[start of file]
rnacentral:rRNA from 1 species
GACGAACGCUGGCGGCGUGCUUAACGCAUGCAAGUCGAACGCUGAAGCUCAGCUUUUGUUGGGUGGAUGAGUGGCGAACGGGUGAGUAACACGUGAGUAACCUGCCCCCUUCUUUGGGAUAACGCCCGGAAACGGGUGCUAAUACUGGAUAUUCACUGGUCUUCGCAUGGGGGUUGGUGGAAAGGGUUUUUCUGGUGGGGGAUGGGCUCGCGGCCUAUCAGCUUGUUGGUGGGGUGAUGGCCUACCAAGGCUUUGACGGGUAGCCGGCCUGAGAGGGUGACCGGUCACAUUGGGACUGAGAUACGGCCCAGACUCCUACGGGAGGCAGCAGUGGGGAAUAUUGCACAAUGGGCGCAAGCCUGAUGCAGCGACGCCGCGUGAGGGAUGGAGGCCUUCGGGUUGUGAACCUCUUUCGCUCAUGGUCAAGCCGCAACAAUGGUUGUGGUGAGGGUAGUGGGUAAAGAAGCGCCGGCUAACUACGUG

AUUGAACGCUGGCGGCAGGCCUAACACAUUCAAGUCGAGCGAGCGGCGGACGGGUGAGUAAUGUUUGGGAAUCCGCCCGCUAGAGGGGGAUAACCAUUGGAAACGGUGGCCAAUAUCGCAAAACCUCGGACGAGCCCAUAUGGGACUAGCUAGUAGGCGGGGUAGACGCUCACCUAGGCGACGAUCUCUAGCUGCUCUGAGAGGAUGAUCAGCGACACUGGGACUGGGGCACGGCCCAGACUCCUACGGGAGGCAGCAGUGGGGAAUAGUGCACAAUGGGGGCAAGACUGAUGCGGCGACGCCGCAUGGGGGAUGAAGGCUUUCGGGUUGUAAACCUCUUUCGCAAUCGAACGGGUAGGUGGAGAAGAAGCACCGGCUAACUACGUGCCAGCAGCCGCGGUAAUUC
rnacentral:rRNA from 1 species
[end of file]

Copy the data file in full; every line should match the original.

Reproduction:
rnacentral:rRNA from 1 species
GACGAACGCUGGCGGCGUGCUUAACGCAUGCAAGUCGAACGCUGAAGCUCAGCUUUUGUUGGGUGGAUGAGUGGCGAACGGGUGAGUAACACGUGAGUAACCUGCCCCCUUCUUUGGGAUAACGCCCGGAAACGGGUGCUAAUACUGGAUAUUCACUGGUCUUCGCAUGGGGGUUGGUGGAAAGGGUUUUUCUGGUGGGGGAUGGGCUCGCGGCCUAUCAGCUUGUUGGUGGGGUGAUGGCCUACCAAGGCUUUGACGGGUAGCCGGCCUGAGAGGGUGACCGGUCACAUUGGGACUGAGAUACGGCCCAGACUCCUACGGGAGGCAGCAGUGGGGAAUAUUGCACAAUGGGCGCAAGCCUGAUGCAGCGACGCCGCGUGAGGGAUGGAGGCCUUCGGGUUGUGAACCUCUUUCGCUCAUGGUCAAGCCGCAACAAUGGUUGUGGUGAGGGUAGUGGGUAAAGAAGCGCCGGCUAACUACGUG

AUUGAACGCUGGCGGCAGGCCUAACACAUUCAAGUCGAGCGAGCGGCGGACGGGUGAGUAAUGUUUGGGAAUCCGCCCGCUAGAGGGGGAUAACCAUUGGAAACGGUGGCCAAUAUCGCAAAACCUCGGACGAGCCCAUAUGGGACUAGCUAGUAGGCGGGGUAGACGCUCACCUAGGCGACGAUCUCUAGCUGCUCUGAGAGGAUGAUCAGCGACACUGGGACUGGGGCACGGCCCAGACUCCUACGGGAGGCAGCAGUGGGGAAUAGUGCACAAUGGGGGCAAGACUGAUGCGGCGACGCCGCAUGGGGGAUGAAGGCUUUCGGGUUGUAAACCUCUUUCGCAAUCGAACGGGUAGGUGGAGAAGAAGCACCGGCUAACUACGUGCCAGCAGCCGCGGUAAUUC
rnacentral:rRNA from 1 species